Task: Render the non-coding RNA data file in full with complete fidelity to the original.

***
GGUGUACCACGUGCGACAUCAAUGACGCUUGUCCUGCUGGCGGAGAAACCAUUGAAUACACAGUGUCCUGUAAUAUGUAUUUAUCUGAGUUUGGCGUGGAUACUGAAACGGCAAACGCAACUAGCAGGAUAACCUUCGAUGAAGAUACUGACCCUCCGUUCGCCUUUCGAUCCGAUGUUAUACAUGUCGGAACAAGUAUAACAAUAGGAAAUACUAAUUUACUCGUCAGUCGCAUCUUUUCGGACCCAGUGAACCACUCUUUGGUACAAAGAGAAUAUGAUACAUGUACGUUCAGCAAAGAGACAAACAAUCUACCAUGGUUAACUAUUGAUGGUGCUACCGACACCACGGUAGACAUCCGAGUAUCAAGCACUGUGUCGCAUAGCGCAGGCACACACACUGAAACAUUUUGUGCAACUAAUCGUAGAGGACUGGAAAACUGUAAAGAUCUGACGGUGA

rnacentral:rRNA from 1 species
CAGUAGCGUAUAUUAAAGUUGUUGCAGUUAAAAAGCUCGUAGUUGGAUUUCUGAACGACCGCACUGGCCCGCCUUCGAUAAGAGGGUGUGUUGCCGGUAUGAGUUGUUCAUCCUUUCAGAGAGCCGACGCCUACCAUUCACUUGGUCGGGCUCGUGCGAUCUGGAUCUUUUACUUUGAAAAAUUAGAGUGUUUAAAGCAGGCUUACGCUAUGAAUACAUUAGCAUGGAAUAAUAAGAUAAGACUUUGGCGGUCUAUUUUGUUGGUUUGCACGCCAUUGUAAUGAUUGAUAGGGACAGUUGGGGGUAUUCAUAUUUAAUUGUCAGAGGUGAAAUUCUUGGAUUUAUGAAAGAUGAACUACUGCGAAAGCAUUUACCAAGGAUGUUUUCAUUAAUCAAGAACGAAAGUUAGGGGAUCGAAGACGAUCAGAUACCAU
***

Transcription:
GGUGUACCACGUGCGACAUCAAUGACGCUUGUCCUGCUGGCGGAGAAACCAUUGAAUACACAGUGUCCUGUAAUAUGUAUUUAUCUGAGUUUGGCGUGGAUACUGAAACGGCAAACGCAACUAGCAGGAUAACCUUCGAUGAAGAUACUGACCCUCCGUUCGCCUUUCGAUCCGAUGUUAUACAUGUCGGAACAAGUAUAACAAUAGGAAAUACUAAUUUACUCGUCAGUCGCAUCUUUUCGGACCCAGUGAACCACUCUUUGGUACAAAGAGAAUAUGAUACAUGUACGUUCAGCAAAGAGACAAACAAUCUACCAUGGUUAACUAUUGAUGGUGCUACCGACACCACGGUAGACAUCCGAGUAUCAAGCACUGUGUCGCAUAGCGCAGGCACACACACUGAAACAUUUUGUGCAACUAAUCGUAGAGGACUGGAAAACUGUAAAGAUCUGACGGUGA

rnacentral:rRNA from 1 species
CAGUAGCGUAUAUUAAAGUUGUUGCAGUUAAAAAGCUCGUAGUUGGAUUUCUGAACGACCGCACUGGCCCGCCUUCGAUAAGAGGGUGUGUUGCCGGUAUGAGUUGUUCAUCCUUUCAGAGAGCCGACGCCUACCAUUCACUUGGUCGGGCUCGUGCGAUCUGGAUCUUUUACUUUGAAAAAUUAGAGUGUUUAAAGCAGGCUUACGCUAUGAAUACAUUAGCAUGGAAUAAUAAGAUAAGACUUUGGCGGUCUAUUUUGUUGGUUUGCACGCCAUUGUAAUGAUUGAUAGGGACAGUUGGGGGUAUUCAUAUUUAAUUGUCAGAGGUGAAAUUCUUGGAUUUAUGAAAGAUGAACUACUGCGAAAGCAUUUACCAAGGAUGUUUUCAUUAAUCAAGAACGAAAGUUAGGGGAUCGAAGACGAUCAGAUACCAU